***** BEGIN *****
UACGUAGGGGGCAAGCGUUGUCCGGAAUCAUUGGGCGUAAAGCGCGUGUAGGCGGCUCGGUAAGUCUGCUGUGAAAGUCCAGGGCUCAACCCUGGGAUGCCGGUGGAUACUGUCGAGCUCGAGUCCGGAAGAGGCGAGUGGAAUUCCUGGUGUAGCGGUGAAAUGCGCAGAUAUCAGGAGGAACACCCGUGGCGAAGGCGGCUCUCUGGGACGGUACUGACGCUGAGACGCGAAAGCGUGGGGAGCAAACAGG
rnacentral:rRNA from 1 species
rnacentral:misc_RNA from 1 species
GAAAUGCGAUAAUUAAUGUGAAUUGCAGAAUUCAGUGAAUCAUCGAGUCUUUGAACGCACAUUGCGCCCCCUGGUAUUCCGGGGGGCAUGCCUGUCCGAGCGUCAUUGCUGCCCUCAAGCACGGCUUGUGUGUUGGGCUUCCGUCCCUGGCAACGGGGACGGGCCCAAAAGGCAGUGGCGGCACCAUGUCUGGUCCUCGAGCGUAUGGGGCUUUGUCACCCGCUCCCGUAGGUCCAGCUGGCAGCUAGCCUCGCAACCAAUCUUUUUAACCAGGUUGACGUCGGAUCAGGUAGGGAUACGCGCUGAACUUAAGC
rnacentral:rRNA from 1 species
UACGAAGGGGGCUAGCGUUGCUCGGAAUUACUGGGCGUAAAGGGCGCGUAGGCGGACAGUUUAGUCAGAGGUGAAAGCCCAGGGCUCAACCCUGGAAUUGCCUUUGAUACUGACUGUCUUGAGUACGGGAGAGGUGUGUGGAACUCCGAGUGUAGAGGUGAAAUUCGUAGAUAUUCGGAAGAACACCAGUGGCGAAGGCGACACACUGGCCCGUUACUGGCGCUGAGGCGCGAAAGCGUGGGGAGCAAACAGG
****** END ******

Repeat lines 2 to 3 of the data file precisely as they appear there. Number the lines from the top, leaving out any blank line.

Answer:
rnacentral:rRNA from 1 species
rnacentral:misc_RNA from 1 species